Email is a primary means of business communication. It’s easy, nearly instantaneous, flexible and can be extremely cordial. Whether the email user is wearing a three-piece suit in an office or sitting at home in his/her pajamas, email creates a façade that is both empowering and sheltering. Unfortunately, the very characteristics that make email so powerful can also lull users into making costly mistakes.
Such mistakes can undermine both deals and relationships.
Email, like any other verbal or nonverbal communication, is a major part of our professional image. Our email needs to convey the right messages so others perceive us in the light we wish to be perceived. Here are a few timeless style tips for better digital communication:
- Keep your message simple and clear. Edit unnecessary words to focus your recipient on what's most important. Short sentences and bullet points make your message easier to read on a computer screen and smartphone. It's estimated that people read more than 40 percent of email on a smartphone.
- Answer all questions and be proactive. Avoid wasting time with back-and-forth emails. Answer all the questions someone poses to you, and proactively answer the questions your recipient will likely ask next.
- Respond quickly. Email is built for speed. Respond within 24 hours. If it will take longer to respond, let the sender know you received his or her email and are working on a response. You will build trust among your friends and business associates and let them know that you are not ignoring them.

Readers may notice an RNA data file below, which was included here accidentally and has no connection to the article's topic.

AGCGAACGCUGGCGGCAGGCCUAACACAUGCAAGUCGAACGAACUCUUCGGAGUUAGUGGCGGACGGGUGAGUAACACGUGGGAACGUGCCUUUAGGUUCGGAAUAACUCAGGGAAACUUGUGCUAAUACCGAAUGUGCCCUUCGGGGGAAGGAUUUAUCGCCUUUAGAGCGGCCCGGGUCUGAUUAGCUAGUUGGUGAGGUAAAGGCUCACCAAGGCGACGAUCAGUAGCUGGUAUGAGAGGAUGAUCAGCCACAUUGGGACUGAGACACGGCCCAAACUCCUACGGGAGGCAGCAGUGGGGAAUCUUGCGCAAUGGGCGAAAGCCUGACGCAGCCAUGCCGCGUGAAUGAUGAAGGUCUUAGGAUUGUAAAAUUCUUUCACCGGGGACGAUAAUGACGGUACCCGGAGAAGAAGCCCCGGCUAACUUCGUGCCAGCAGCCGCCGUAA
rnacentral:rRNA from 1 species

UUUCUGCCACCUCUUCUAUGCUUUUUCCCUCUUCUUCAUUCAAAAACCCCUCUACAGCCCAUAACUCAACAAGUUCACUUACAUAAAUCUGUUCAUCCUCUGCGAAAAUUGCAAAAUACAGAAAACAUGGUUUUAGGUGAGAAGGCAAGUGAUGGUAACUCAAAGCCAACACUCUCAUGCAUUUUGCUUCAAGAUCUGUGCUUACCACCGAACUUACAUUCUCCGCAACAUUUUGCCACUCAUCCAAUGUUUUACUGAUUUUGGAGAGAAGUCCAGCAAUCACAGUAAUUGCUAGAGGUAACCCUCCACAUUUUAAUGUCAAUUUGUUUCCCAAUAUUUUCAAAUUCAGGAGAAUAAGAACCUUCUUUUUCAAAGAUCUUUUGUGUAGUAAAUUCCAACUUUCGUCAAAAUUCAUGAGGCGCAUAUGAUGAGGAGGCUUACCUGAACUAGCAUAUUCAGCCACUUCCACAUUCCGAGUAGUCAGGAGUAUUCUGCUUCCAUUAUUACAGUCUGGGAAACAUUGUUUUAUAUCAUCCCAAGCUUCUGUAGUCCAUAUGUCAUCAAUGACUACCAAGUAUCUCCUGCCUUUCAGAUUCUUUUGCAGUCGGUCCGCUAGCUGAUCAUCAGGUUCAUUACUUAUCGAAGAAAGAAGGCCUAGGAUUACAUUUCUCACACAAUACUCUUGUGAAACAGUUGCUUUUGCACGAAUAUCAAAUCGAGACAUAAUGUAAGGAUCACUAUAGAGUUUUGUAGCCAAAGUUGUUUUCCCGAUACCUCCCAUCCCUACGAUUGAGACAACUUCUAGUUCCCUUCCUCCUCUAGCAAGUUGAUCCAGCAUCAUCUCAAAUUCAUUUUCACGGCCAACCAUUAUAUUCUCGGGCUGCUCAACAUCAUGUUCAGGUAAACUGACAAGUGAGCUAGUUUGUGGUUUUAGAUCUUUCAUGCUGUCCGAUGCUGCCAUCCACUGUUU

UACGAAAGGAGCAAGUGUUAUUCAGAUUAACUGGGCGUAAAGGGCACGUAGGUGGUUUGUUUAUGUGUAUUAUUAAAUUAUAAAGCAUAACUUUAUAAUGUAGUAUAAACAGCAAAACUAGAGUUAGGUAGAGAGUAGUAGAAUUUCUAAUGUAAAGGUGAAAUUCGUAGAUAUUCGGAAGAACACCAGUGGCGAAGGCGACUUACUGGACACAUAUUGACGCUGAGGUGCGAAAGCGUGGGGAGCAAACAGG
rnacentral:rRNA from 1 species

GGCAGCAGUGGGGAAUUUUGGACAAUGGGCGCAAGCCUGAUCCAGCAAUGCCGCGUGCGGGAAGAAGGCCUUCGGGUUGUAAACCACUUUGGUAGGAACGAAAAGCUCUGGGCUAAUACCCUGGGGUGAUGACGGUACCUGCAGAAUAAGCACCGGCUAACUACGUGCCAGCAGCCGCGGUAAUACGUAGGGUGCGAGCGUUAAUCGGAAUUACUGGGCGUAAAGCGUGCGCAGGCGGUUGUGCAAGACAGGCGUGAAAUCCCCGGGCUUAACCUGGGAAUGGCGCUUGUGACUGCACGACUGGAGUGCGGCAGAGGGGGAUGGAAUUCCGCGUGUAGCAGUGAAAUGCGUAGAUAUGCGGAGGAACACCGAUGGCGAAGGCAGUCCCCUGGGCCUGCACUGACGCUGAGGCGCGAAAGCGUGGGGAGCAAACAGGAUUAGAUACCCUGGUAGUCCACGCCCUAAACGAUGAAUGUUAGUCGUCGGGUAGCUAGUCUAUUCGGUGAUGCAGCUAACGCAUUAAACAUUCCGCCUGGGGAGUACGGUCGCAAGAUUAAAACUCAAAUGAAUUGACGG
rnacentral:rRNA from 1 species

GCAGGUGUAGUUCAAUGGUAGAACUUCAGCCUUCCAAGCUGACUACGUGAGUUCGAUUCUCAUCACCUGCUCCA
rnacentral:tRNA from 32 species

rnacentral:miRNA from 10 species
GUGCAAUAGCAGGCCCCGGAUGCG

- Use polite greetings and closings. "Please" and "thank you" go a long way to convey a positive tone.
- Use proper spelling, grammar and punctuation. Be professional and show you care. Always use spell check and proofread your emails.
- Do not use ALL CAPS. Are you yelling at someone? All caps place emphasis where you may not want it and ill-used, can detract from your intended meaning. Use caps only when grammatically appropriate.
- Don't use special formatting, backgrounds, colored text, or emoticons. Many feel they're unprofessional.
- Double check for correct email addresses and attachments. Avoid being embarrassed or disseminating proprietary information.
- Be clear in the subject line. Briefly explain the content of your message to prevent people from ignoring your emails.
- Never send an email when you're upset. Step away from your computer and consider how to best resolve the issue. Once it’s in writing there is no retrieving it. The ‘recall’ button does not eliminate the email.
- Don't hide behind email. It feels so easy to avoid difficult conversations by sending an email, but research shows conflicts escalate more quickly and last longer over email.
- Don't be afraid to pick up the phone. Email is not always the right vehicle. You should never give bad news over email. It's best to address complex information in a face-to-face conversation; nuance is often missed over email.
- Use the Cc field as an FYI. The Cc field means "this is for your information," and you are not expected to take action.
- Use the Bcc field for large groups of recipients. Don't advertise people's email addresses.
- Only use "reply all" when appropriate. If everyone on the chain doesn't need to see your response, why fill up their inboxes?
- Take care when you send large files. Check with your recipient in advance to see how she would like to receive the file.
- Be polite. Write as if you are speaking to the person face-to-face. Don’t use the façade of email to be bolder or ruder than you would usually be.
- Be clear that your signature is clear. Include all pertinent information and do not include ‘cutesy’ sayings.